- Everyone Belongs: A Toolkit for Applying Intersectionality is a resource for evaluators to utilize when applying the intersectionality framework in various contexts.
- LEGACY is a free program funded by the National Science Foundation that prepares African American young women to take the Advanced Placement Computer Science Principles (AP CSP) course.
The American Evaluation Association is celebrating STEM Education and Training TIG Week with our colleagues in the Science, Technology, Engineering, and Mathematics Education and Training Topical Interest Group. The contributions all this week to aea365 come from our STEM Education and Training TIG members. Do you have questions, concerns, kudos, or content to extend this aea365 contribution? Please add them in the comments section for this post on the aea365 webpage so that we may enrich our community of practice. Would you like to submit an aea365 Tip? Please send a note of interest to email@example.com. aea365 is sponsored by the American Evaluation Association and provides a Tip-a-Day by and for evaluators.
1 thought on “STEM TIG WEEK: Decreasing Intersectional Barriers in Youth Interventions by Shetay Ashford-Hanserd and Kathy Haynie”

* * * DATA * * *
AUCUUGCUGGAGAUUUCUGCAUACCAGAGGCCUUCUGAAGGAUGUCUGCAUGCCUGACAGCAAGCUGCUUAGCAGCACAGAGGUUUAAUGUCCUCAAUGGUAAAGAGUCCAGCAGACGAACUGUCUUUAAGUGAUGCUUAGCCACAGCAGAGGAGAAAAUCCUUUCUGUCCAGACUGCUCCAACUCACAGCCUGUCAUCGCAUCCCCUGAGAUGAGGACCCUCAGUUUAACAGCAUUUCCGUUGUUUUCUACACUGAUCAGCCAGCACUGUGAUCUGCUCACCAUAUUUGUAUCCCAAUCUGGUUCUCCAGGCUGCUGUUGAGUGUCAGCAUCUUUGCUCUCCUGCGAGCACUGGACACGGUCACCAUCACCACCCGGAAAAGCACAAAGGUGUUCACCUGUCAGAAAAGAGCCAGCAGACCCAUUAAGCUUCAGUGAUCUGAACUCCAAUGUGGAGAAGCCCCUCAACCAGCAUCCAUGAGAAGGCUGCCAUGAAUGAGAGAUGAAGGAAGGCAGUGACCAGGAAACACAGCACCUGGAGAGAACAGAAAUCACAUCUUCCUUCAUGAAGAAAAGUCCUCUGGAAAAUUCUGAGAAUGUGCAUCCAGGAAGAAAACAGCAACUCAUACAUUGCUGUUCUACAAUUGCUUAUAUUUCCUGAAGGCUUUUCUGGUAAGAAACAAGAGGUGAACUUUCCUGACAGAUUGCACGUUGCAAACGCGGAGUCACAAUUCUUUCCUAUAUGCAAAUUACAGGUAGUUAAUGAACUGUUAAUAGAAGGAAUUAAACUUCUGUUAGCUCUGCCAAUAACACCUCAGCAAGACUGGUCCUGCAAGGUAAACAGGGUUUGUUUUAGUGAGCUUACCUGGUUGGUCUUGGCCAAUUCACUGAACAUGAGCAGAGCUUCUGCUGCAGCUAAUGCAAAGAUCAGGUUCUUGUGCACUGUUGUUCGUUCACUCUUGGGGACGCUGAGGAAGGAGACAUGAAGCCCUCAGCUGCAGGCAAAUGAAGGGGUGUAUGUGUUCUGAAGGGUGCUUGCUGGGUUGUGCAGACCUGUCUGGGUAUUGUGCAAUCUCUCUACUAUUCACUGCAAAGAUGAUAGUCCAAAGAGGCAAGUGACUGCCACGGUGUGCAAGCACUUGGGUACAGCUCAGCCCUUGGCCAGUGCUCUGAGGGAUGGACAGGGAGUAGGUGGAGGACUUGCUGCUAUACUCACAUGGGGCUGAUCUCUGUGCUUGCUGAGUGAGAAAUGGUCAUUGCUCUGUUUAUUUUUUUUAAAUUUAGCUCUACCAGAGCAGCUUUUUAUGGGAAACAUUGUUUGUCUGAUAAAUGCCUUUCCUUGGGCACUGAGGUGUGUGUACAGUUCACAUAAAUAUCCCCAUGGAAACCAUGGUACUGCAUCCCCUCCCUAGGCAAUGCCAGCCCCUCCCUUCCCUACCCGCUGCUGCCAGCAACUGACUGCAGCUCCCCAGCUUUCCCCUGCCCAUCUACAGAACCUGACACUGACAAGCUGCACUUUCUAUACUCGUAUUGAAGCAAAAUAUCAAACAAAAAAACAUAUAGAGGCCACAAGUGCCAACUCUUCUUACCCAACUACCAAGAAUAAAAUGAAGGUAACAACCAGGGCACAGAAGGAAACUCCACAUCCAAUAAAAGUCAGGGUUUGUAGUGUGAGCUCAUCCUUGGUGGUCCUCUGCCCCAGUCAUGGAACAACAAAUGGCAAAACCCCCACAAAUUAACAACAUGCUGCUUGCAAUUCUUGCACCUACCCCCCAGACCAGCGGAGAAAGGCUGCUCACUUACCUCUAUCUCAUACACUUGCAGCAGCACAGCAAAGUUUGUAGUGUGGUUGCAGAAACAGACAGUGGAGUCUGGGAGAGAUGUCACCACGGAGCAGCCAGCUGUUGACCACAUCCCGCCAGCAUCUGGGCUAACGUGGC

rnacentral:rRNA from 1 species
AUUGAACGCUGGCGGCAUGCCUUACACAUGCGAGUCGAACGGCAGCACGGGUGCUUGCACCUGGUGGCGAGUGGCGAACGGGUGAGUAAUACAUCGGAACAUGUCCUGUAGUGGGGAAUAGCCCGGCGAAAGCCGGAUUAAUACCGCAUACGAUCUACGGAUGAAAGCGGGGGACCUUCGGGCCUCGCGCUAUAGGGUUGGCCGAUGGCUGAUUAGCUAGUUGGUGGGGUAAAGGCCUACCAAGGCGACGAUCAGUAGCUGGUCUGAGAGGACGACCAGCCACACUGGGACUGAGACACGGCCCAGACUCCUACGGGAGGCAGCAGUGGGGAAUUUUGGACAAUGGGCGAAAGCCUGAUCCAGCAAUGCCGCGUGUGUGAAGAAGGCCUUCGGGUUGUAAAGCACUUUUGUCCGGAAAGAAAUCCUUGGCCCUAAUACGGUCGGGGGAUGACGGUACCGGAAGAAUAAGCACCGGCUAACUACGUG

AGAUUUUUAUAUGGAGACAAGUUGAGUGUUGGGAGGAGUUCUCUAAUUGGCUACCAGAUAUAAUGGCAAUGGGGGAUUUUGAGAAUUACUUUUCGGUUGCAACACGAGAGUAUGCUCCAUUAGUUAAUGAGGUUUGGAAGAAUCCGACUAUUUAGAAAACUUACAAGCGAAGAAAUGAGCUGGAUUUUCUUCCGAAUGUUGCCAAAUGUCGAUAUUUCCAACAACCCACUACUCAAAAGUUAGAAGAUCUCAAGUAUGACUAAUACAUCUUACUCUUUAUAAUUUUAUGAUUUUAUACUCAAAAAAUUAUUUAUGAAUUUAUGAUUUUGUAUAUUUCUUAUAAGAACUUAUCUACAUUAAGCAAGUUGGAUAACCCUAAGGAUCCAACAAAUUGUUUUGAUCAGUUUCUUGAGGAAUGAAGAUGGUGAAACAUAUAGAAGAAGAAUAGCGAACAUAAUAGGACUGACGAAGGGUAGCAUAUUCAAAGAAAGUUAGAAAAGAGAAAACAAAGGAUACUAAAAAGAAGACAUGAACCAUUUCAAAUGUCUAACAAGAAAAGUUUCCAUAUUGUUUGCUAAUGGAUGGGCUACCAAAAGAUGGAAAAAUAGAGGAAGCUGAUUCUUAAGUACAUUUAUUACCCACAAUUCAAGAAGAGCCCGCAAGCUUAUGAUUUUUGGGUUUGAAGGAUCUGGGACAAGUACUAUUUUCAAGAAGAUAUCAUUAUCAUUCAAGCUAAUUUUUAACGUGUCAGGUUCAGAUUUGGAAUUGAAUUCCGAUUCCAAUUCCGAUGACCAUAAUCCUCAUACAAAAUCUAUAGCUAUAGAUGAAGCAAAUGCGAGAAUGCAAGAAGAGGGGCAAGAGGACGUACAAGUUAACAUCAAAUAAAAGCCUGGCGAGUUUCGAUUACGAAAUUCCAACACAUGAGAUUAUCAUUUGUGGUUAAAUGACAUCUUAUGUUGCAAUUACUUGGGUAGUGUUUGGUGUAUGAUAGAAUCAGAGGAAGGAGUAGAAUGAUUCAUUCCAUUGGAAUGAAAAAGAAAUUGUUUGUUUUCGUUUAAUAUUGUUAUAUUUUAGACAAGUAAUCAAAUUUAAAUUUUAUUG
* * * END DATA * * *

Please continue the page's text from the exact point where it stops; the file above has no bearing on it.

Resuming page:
First, thank you for this insightful post regarding intersectionality aa this concept was new to me. I have read extensively about barriers to access to STEM for under-represented group such a women, minorities, or at-risk youth, and students with low socio-economic status. I found your perspective to be particularly interesting in that you noted that “ignoring intersectionality when conducting an evaluation can gloss over unique challenges to equity experienced at the intersection of a person’s circumstances.” I particularly connected to the balance required between viewing participants as unique individuals, as well as considering them as part of a whole. You noted the opportunity for researchers to be aware not only of the “intersectionality of inequity but also the possible discrimination/isms/attitudes that impact identity and social and cultural structures that reinforce exclusion.” When looking at an identified group such as latino women, you highlight the importance of considering how each of these inequities can impact the learner: gender, race, age. These factors intersect to create unique experiences for the participant. Therefore, the variety of RAD resources that you provided are a great starting point for evaluators looking to engage in culturally responsive evaluations of STEM programs to incorporate intersectionality framework. This seems very important to include cultural components when looking at diversifying STEM participants in post-secondary and career opportunities. You suggested that it would be beneficial to provide opportunities for under-represented populations to experience themselves in a majority role, surrounded by others who are also experiencing STEM activities. This, ” can be incredibly affirming of their emerging identities.” So, I am wondering, what would be some practical methods to engage under-represented populations in STEM? How could we create wider communities for individuals to feel welcomed, included, and prioritized in STEM activities? How do we reduce intersectional barriers? I really appreciated this culturally responsive view of evaluation.